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menuAmerican Social History Project  ·    Center for Media and Learning

  • Historical Eras > Civil War and Reconstruction (1861-1877) (x)

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Dr. Toer's Amazing Lantern Show: A Different View of Emancipation Viewer's Guide

This booklet is curriculum support for the American Social History Project's 30-minute documentary Dr. Toer's Amazing Lantern Show: A Different View of Emancipation. The viewer's guide contains background information on issues raised by the [...]

On to Liberty

Painter Theodor Kaufmann was a German immigrant and abolitionist who served in the Union army during the Civil War. Throughout the war, African-American men, women, and children escaped slavery by fleeing to Union encampments. Union commanders [...]

The 13th, 14th and 15th Amendments

Congress passed the 13th Amendment to the Constitution, outlawing slavery, before the Civil War had ended. Once the war was over, white southerners passed laws (known as Black Codes) to keep freedmen from exercising their rights, and Congress [...]

Black Codes Restrict Newly Won Freedom

In the fall of 1865, white southerners, most of them ex-Confederates and planters, won large majorities in local and state elections throughout the South. They quickly passed a series of restrictive laws, or Black Codes, which varied only slightly [...]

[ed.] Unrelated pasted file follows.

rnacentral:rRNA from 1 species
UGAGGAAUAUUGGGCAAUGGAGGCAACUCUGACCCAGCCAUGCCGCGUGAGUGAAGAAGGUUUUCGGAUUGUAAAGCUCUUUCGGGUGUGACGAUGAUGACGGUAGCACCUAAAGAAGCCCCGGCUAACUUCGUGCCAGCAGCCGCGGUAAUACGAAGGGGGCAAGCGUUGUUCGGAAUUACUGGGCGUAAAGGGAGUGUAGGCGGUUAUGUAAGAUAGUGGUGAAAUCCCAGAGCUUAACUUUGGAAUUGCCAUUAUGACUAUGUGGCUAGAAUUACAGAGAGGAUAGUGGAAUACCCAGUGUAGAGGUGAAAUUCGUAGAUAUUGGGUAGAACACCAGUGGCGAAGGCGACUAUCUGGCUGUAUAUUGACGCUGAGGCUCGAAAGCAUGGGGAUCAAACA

A Freedman and a General Discuss the Meanings of Freedom

What exactly should be done for freedmen, if anything, was hotly debated in the years following the Civil War. As this exchange between a Union military officer and a former slave in Arkansas shows, even the meaning of freedom was up for grabs.

The Freedmen's Bureau Aids Civil War Refugees

In the chaotic last days of the Civil War, newly emancipated slaves were on the move across the South. Some had escaped bondage by joining Union military forces and following them; others were attempting to reunite with lost family members. Most had [...]

Gathering the Dead and Wounded

A Harper’s Weekly engraving shows some of the grim results of a terrorist attack on the African-American citizens of the rural town of Colfax, Louisiana, in April 1873. Starting in 1871, the Democratic party in several southern states began an [...]

A Northern Reformer Teaches Freed Children to Read

Calling themselves Gideon’s Band (after the biblical hero), many northern reformers went to the Sea Islands in Georgia to live with and assist the freed population. Abolitionist Laura M. Towne, shown here with three of her students, ran a [...]

A Northern Teacher Finds Eager Students and Threatening Neighbors

Edmonia Highgate, the daughter of freed slaves, grew up and was educated in New York. She was part of a wave of northern reformers who traveled south as the Civil War was still ongoing to set up schools for freedpeople, both adults and children. In [...]

A South Carolina Landowner Attempts to Indenture a Free Child

When slavery ended, southern landowners attempted to establish a labor system that would pay freedpeople low wages and keep them under strict control. One method of accomplishing this was through indenture contracts for African-American children who [...]

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